Are you in a toxic relationship? My last post describes what a toxic relationship looks like. Briefly, I wrote about criticism and contempt, avoidance, and negative energy as the key signs of toxic relationships.
You did not get into your relationship to be treated poorly, ignored, or abandoned. Being abused or denigrated, subjected to reckless spending, deprived of a sex life, or forced to put up with problematic, immature behavior is not healthy for you. If this is occurring in your relationship, your partner needs to make major changes. Individual and couple's counseling may be needed. And if your partner will not cooperate with counseling, you need to face the fact that he or she will probably never change, and then decide to try living with him or her the best you can, or move on to a new and hopefully more satisfying relationship. I am all for trying to save relationships, but in the face of repeated hurts and insensitivity, it may be best to move on.
If you want out of your toxic relationship, follow these three steps:
1. Have a mantra. Jean, a forty year old client of mine, tried to leave a relationship with a man who was highly manipulative and emotionally abusive. Each time she attempted to leave, he showed her remorse and lured her back with his charming and seductive displays. This was maddening for Jean who felt demoralized each time after not being able to extricate herself from this coercive, destructive cycle.
To help Jean begin to break free, she came up with a phrase, a mantra of sorts that she repeatedly told herself: "He may be good for someone else, but he is a wrecking ball for me." Jean paired this mantra with a visualization of a big crane swinging a wrecking ball every time she thought of him or saw him.
2. Stop all possible contact. If you really want out, then contact with your about-to-be ex needs to be very tightly managed. Strive for no contact. Most highly toxic partners have softer sides and this can hold strong allure. If you are feeling vulnerable, you will likely be at risk to go back to your toxic ex if you reengage contact with him or her. In Jean's situation, we discussed how she could minimize contact with her ex given her difficult challenge of him being a work colleague. This involved having her be courteous and say nothing more at business meetings. We also came up with the "not breaking stride rule" when she was saying "hi" to him in the hallways.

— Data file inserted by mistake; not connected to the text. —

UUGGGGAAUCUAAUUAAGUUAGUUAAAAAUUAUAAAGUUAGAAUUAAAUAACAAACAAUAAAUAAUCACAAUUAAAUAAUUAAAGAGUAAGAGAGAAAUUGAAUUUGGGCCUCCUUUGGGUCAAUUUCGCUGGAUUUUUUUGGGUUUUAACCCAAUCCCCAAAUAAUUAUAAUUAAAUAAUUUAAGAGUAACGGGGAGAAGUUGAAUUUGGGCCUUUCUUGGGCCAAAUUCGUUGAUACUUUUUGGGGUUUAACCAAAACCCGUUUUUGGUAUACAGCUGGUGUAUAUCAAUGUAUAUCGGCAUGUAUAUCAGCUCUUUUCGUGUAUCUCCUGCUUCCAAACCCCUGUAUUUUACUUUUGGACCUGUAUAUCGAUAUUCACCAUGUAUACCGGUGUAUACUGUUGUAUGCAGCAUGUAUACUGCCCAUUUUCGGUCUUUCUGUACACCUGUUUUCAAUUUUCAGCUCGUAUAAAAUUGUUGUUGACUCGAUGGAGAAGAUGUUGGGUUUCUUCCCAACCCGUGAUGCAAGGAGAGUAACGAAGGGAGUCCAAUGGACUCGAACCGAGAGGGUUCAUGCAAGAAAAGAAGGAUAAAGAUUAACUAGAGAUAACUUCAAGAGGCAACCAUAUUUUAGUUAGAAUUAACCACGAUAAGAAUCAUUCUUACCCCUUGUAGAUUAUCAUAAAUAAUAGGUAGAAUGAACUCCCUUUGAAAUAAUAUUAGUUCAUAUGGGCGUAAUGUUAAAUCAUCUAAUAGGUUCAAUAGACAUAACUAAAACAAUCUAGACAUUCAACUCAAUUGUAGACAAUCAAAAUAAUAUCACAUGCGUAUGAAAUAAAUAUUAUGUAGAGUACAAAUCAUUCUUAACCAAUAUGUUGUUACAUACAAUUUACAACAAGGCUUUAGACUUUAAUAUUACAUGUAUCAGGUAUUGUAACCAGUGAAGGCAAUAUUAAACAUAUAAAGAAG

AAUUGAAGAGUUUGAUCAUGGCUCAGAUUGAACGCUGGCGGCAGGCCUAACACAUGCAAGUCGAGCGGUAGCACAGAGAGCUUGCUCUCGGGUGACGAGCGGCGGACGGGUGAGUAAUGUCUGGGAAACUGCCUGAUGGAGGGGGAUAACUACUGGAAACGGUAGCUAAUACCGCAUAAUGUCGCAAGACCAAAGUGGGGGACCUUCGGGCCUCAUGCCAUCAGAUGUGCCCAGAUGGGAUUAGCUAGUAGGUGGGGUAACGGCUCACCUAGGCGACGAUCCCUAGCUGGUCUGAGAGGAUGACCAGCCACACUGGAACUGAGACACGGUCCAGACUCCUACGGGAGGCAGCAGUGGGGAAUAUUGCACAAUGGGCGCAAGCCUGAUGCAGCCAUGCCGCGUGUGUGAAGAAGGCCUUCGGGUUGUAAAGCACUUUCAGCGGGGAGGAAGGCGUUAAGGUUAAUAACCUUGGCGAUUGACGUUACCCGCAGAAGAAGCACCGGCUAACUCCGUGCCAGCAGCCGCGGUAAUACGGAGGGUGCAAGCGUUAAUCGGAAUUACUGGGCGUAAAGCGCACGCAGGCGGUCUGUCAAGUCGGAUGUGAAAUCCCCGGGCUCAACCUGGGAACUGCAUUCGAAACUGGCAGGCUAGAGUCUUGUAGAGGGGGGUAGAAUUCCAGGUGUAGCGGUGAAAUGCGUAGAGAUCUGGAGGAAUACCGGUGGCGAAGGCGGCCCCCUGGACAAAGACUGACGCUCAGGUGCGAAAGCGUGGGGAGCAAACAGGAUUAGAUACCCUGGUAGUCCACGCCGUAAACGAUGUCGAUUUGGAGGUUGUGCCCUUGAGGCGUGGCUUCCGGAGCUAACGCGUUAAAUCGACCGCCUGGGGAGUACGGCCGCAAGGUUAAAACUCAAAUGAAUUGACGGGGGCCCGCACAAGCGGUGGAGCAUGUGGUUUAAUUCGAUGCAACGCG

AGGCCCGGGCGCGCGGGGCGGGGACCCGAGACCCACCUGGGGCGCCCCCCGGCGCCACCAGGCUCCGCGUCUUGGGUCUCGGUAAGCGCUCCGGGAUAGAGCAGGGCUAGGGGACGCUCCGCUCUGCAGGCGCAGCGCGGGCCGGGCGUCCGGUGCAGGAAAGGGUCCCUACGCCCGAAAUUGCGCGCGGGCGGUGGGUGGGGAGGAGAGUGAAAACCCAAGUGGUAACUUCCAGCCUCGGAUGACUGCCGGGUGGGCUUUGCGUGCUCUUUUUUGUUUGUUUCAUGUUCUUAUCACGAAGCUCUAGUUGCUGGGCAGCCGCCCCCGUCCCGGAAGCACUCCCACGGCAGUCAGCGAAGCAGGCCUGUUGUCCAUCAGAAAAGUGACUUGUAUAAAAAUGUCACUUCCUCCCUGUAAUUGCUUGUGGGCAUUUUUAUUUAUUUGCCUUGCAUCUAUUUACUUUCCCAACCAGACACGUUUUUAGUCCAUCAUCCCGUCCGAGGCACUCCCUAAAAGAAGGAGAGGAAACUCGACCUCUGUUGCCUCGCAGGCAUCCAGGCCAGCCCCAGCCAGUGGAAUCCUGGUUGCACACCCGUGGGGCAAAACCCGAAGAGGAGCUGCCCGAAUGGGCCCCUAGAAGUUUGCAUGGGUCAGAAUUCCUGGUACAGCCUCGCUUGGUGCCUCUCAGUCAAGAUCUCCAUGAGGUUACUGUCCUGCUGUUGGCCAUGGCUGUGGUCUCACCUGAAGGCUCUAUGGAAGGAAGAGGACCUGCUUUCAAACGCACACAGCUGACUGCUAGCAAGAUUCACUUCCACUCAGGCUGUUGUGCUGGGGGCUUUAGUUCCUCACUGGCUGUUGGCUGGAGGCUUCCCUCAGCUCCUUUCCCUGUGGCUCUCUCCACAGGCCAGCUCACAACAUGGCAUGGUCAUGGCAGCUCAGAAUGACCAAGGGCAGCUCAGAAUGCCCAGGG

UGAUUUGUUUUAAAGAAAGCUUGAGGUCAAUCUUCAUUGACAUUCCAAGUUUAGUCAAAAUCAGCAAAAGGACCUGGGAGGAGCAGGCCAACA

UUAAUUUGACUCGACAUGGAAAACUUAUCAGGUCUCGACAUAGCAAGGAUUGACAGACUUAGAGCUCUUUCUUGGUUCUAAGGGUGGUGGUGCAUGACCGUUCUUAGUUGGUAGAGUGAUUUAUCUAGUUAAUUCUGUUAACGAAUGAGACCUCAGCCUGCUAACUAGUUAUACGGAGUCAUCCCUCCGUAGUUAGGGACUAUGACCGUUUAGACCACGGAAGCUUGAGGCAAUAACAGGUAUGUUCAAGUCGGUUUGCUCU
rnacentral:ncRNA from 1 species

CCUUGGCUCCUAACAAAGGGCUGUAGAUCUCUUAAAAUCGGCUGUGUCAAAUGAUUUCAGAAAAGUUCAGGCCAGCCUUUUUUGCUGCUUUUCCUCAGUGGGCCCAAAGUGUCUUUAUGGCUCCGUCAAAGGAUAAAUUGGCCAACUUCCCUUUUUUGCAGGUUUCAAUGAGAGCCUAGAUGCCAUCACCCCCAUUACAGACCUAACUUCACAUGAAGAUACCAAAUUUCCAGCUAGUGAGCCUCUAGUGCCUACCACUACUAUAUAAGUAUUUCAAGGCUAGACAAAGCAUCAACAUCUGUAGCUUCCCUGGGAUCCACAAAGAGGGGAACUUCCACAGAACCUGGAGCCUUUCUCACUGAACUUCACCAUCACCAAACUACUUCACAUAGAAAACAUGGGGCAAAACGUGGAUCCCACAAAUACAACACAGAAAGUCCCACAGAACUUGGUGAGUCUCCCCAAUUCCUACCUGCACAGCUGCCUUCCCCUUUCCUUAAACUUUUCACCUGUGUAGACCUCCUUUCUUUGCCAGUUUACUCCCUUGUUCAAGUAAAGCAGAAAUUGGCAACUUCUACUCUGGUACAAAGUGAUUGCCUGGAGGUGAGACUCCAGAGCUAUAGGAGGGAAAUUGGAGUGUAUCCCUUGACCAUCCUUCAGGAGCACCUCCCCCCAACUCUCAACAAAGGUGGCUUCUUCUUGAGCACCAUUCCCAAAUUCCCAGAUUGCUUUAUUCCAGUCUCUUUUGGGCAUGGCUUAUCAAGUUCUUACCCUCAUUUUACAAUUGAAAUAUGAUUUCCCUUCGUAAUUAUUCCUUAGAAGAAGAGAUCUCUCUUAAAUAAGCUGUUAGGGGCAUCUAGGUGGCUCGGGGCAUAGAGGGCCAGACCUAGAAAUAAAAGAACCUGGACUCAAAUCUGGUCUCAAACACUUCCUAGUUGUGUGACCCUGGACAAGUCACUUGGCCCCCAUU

3. Keep knowing your value. Feel good about who you are, how you have grown, and what you offer in your personal and professional relationships. Jean realized that knowing her value meant putting her emotional health first. Have compassion for yourself if you want to go back into your toxic relationship. It's normal to miss your ex, Stay mindful, however, that missing times that felt good does not mean that he was, or is, good for you. If you have trouble remembering your own value then think about what you would say to a family member or close friend who wanted to return to a toxic relationship. Thinking about how you may value or advise someone else can help you treasure yourself and to move on.
Dr. Jeffrey Bernstein is a psychologist with over 23 years of experience specializing in child, adolescent, couples, and family therapy. He holds a Ph.D. in Counseling Psychology from the State University of New York at Albany and completed his post-doctoral internship at the University of Pennsylvania Counseling Center. He has appeared on the Today Show, Court TV as an expert advisor, CBS Eyewitness News Philadelphia, 10! Philadelphia—NBC, and public radio. Dr. Bernstein has authored four books, including the highly popular 10 Days to a Less Defiant Child (Perseus Books, 2006), 10 Days to a Less Distracted Child (Perseus, 2007), Why Can't You Read My Mind?, and Liking the Child You Love, Perseus, 2009).